The Insider’s Guide to Selecting the Best Material For Your Dock or Pathway

Before constructing a dock or pathway, you may weigh a few options: traditional wood that has a classic feel but could rot and split? Composite boards that require less upkeep than traditional wood but are still susceptible to water damage and warping? Or abandon wood completely and opt for high-performing Millboard that may be more costly?

In this article, we’ll take a look at three common options for dock and pathway construction and help you make an informed decision about what material will work best for your project. Pathways and docks often encounter wet or uneven land and can require more curves and angled features. With that in mind, let’s go through some different options for dock and pathway materials beyond typical decking considerations.

Traditional wood

Wood decking has a classic feel and look. Aesthetically, it works well with rustic-inspired designs and has an inviting, weathered appearance. Wood and treated timber can be a less expensive option upfront when compared to other composite materials, however they may require additional expense and upkeep over the life of the material.

Wood also has some material drawbacks, especially when building in uneven or wet spaces. For one, wood docks and pathways are more susceptible to rotting and algae growth. Wood is also prone to splitting and splintering, making it potentially less safe for pathways or docks where people might be walking around barefoot or lying down. 

Frequent sealing, cleaning, and treatment can reduce some of these issues and make a wood dock or pathway more weather- and water-resistant. A strong, wood-free subframe can also help fend off damage. However, extensive maintenance needs are one of the reasons wood docks tend to degrade over time. You will want to consider whether the low cost is worth the future upkeep.


Composite boards

Composite boards contain a mix of wood and manmade materials. Because composite decking contains plastic, it tends to last longer with the same amount of upkeep (or much less) than wood. Many composites offer a range of colors, and some do look quite realistic. The relatively  low maintenance is a main draw.

On the other hand, composite decking tends to be more expensive than wood, and its wood content still makes it susceptible to water and weather damage. It’s also more vulnerable to warping and shifting over time. In terms of safety, composite boards are unlikely to splinter like wood, but they may be more slippery and can get hot under the sun.

Additionally, composite decking’s plastic content can make it harder to manipulate to fit your designs. It can be difficult to incorporate curves or to build a composite wood pathway around irregular natural features. This can cause installation to be more intensive, depending on your design.

Millboard

One of the newer options on the market for outdoor building, Millboard’s high-quality wood-free boards, escape a lot of the problems associated with both wood and composite alternatives. It may be a relatively high-cost option compared to wood, but Millboard’s polymer boards, sealed in a unique Lastane coating, require so little maintenance that they are an attractive option long-term.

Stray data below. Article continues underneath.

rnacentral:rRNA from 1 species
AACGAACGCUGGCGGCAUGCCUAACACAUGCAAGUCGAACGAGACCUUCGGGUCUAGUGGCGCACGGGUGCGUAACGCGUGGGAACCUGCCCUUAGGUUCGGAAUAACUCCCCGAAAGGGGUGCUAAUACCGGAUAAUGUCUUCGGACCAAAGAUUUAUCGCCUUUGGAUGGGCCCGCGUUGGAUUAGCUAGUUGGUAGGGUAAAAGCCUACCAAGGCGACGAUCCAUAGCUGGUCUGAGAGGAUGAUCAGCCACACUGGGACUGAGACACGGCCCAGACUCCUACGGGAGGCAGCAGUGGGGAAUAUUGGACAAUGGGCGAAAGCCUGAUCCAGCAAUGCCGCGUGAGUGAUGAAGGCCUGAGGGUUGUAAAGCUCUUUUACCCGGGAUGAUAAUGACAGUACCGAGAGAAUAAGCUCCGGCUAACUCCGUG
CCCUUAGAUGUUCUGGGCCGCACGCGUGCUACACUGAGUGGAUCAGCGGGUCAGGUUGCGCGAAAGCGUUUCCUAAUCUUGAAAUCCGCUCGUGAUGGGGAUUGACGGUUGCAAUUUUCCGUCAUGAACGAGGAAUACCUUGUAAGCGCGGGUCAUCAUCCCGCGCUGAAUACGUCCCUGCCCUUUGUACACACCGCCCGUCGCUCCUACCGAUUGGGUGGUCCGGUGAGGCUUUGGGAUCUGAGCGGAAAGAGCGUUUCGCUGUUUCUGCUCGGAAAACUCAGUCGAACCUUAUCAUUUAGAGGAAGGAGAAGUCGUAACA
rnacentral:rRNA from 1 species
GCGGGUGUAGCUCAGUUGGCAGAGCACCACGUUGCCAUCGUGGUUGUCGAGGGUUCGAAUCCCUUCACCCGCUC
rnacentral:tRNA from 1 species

Products like Millboard combine the strength of recycled plastic with the natural look of real wood. Molded from real oak, Millboard’s realistic grain finishes have that authentic look that makes wood docks and pathways visually appealing in natural environments. The UV-resistant, non-porous surface reduces scratches, stains, and fading, leaving the boards looking great after years of use.

Because Millboard is maintenance free, it won’t require harmful cleaners, sealants, and treatments that could harm water sources or surrounding natural environments near your dock or pathway. It also doesn’t rot, split, or warp over time, meaning the boards are unlikely to need replacement. All it really needs is an occasional surface cleaning and touch-up.Millboard docks and pathways won’t splinter, so they’re safe for bare feet; and the textured surface of the boards are designed to be slip-resistant. Millboard even offers a unique line of textured boards, LastaGrip, designed for extra safety.

Millboard also offers its own subframes, which are flexible, easy to install, and waterproof. And with a wide variety of edging and fascia, Millboard is actually quite flexible in terms of design. A curved pathway on irregular land with raised edges, lighting fixtures, and steps is completely doable with Millboard.

If you’re able to afford a product with a higher upfront cost, Millboard is worth the investment, especially for docks and pathways, which can have complicated architecture needs and are often exposed to natural elements that tend to wear down wood products. At Outlive, we believe in the high performance and visual appeal of Millboard and believe it’s an excellent option for outdoor building. You can see some docks and pathways we’ve built with Millboard, and if you want to learn more, you can get in touch with us here!

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